Learning How to Say Goodbye

Saying goodbye can be hard, especially for teenagers. An important part of growing up is learning to say goodbye. I don’t mean to dying people. I mean on the phone. With the advent of texting, the art of saying “goodbye” has fallen by 92%. My wife, I’ll refer to her as Cynthia, and I are trying to explain to our teenage daughter how to end her rare phone conversations with the word “goodbye”.

Most of my friends my age had teenagers many years before me. I talked to those teenagers on the telephone on ocassion. Those teenagers all had similar telephone abilities. Generally, a small selection from several families proved to have limited abilities of passing messages on to parents and saying goodbye at the end of a conversation was a near impossibility.

I was able to remedy the problematic message taking by simply not relying on my friends’ children to take a message, but there was nothing to do about the awkward no “goodbye” goodbye. Luckily for me, I’m a big proponent of non-conformity. However, the social cue of ending a phone call with the word “goodbye” or sometimes “bye” was something I had grown used to over multiple years of phoning.

I get it. Things change. Elvis swung his hips and the teens turned out ok. And every generation after, the teens did something the older people didn’t like. Yet every time, the older people end up dying and the teens become the older people – who eventually don’t like something the new teens are doing. Because of this history, I could really only be amused by the lack of “Bye” knowledge of the new generation.

Somehow I had learned the protocol of saying goodbye from watching the previous generation use the telephone. It seemed less like a form of etiquette and more like a verbal marker to let the other person know the call was officially over. However, that said, ending a phone conversation without a goodbye was paramount to a hang up on the other party, falling directly into the bad manners section.

But some years ago I started to think that maybe the teens were onto something. At the time, my business partner and I ran a successful online business with me in Minneapolis and him in Virginia. My business partner, I’ll name him Dave for this story, and I spoke a minimum of ten times each day. We talked about everything that people in business would talk about ranging from customers to workflow to new equipment purchases. Unfortunately for Dave, he also heard long stories from me that had nothing to do with the work we did each day.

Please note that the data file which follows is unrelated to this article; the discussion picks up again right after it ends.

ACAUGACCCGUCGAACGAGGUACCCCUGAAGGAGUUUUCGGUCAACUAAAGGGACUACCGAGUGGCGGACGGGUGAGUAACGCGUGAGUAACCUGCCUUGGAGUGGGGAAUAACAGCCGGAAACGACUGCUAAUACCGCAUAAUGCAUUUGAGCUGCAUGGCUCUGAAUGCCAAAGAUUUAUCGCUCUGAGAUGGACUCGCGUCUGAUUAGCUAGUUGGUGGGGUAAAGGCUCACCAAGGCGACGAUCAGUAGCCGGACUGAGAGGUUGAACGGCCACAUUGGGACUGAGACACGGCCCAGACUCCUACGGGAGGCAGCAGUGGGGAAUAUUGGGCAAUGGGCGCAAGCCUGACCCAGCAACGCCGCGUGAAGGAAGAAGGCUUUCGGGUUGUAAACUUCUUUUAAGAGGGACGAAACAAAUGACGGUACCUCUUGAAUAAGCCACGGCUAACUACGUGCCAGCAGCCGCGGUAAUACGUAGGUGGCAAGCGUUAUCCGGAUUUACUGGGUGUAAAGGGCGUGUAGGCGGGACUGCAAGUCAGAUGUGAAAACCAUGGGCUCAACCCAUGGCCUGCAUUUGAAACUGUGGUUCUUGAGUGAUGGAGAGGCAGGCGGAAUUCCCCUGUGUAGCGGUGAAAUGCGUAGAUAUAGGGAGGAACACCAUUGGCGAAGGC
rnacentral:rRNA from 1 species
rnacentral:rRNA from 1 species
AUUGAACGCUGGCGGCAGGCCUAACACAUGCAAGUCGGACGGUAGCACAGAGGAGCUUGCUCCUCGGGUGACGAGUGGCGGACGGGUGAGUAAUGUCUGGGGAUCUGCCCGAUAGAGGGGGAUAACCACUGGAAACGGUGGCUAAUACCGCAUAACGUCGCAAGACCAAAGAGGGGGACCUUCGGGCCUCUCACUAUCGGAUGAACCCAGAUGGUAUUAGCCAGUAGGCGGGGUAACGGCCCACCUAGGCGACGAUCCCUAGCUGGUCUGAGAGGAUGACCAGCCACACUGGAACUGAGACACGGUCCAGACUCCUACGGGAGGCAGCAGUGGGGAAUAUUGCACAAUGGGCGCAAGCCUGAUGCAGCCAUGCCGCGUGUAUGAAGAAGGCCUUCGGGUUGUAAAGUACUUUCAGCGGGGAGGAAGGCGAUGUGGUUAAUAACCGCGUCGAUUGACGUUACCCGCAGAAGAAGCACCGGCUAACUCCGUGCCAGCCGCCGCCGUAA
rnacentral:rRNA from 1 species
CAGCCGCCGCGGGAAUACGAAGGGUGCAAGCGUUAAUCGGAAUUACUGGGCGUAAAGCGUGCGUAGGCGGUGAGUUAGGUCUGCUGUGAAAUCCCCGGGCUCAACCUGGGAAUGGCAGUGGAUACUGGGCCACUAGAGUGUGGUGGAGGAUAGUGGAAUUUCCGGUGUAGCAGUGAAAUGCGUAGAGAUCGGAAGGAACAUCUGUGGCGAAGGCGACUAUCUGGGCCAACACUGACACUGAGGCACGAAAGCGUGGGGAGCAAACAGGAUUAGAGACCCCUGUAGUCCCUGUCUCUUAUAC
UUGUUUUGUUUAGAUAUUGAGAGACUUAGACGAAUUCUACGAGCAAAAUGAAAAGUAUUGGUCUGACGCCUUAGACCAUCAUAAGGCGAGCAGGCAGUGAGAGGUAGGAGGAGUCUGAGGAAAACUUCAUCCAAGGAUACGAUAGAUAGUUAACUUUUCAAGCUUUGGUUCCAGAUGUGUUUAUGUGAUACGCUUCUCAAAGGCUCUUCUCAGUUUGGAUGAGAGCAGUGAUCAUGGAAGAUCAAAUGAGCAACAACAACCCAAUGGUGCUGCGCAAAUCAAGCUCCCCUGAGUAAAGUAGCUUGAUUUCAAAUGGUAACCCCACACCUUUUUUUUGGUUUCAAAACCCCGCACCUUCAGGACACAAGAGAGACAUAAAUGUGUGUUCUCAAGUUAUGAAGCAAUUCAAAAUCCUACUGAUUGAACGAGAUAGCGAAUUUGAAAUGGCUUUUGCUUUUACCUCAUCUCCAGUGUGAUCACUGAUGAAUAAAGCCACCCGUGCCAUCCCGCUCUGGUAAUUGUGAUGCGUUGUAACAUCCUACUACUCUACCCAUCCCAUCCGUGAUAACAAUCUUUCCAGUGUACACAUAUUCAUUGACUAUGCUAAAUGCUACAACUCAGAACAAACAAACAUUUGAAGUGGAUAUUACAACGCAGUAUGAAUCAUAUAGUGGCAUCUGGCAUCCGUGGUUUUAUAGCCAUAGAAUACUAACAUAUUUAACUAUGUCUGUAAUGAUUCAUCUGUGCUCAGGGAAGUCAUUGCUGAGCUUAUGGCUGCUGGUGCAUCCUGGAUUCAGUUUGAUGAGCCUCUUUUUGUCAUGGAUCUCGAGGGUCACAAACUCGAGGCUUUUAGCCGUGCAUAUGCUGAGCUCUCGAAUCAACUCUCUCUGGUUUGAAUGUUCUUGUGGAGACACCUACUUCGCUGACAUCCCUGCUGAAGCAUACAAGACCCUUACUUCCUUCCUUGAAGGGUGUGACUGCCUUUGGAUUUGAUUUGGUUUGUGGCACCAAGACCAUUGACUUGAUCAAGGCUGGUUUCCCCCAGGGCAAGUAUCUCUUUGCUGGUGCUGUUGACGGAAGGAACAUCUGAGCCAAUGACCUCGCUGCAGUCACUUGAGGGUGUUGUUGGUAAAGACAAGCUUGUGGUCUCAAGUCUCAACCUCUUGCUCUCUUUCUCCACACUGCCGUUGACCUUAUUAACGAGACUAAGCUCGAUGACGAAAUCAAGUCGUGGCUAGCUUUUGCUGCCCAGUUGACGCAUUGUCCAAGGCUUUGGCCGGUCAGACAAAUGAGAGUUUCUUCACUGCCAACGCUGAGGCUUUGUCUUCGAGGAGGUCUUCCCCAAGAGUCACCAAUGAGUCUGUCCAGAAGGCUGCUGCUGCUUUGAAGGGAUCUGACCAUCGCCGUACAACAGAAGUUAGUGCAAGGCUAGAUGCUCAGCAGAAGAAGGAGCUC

In thinking about my friend’s teenager hanging up on me when he was done talking, I struck upon what I thought to be a revolutionary idea. Every conversation that Dave and I had ended with a “goodbye.” I told Dave that if we worked in an office and talked near our cubicles or if I went into his office and had a conversation, we wouldn’t end each conversation with us both saying goodbye. By us saying goodbye, over the course of the year we were wasting upwards into the minutes of productive time.

Dave listened patiently to my rant as he often did – as I literally wasted minutes of productive time explaining to him how we could be more efficient with our time. After making my point, I hung up immediately without saying goodbye. Dave was (is) such a nice guy, so it seemed a little rude. But I realized that I just needed to get by “The Man’s” goodbye programming and begin these time saving measures immediately.

We implemented only like a two person operation could, phasing this new plan in like right now. It took a while to make the no goodbye system work. First, Dave kept forgetting that we weren’t saying goodbye anymore. Next, we went through a phase where we weren’t quite sure if we should hang up. We would ask if the other had anything more to say. If no, there was a quiet pause where the word goodbye would have gone, followed by the hang-up.

These are the kind of things that I find humorous and for this reason I can keep this in the front of my head at all times. For me, every phone call was just another chance not to say goodbye and see how quickly I could hang up. Dave was usually thinking about more important things than me and sometimes would forget not to say goodbye. I would even call back and ask to try that hang up again if we weren’t too busy. I didn’t know this at the time, but Dave had a lot on his mind and to top it off he may have been in an abusive relationship – with me.

This only lasted for a couple weeks and eventually ended. The stamina it took to stay on top of not saying goodbye was too tremendous. I don’t have any pictures from the time, nor did Dave tell me this, but I believe the stress of not saying goodbye could have led to Dave shedding some 30 pounds of his already lean frame. On the other hand, I began ending conversations at home with Cynthia by saying “goodbye” in order to compensate for never saying it on the phone. Up was down and down was up.

What I learned from this experiment is that while the goodbye was not always necessary, it was a helpful social marker to end conversations. Maybe switching to the shortened version of “bye” would have been the best option.

We are now teaching our teenage daughter how to talk on the phone. Believe it or not, there are times when it’s actually easier to just talk. I try to stay patient when I call her and I get a text back that says, “What?” If she would have only answered her phone, she would have instantly had her answer. The talking on the phone requires the use of full words and not just acronyms. And at the end of those great big unabbreviated sentences via the voice, you get to use the friendly indicator named “goodbye.” Maybe my daughter can cut it down to “GB”. I’m ok with that. As long as she occasionally answers her phone with her voice. Thanks for listening. Goodbye.

Saddly Yours,

Jason Spafford

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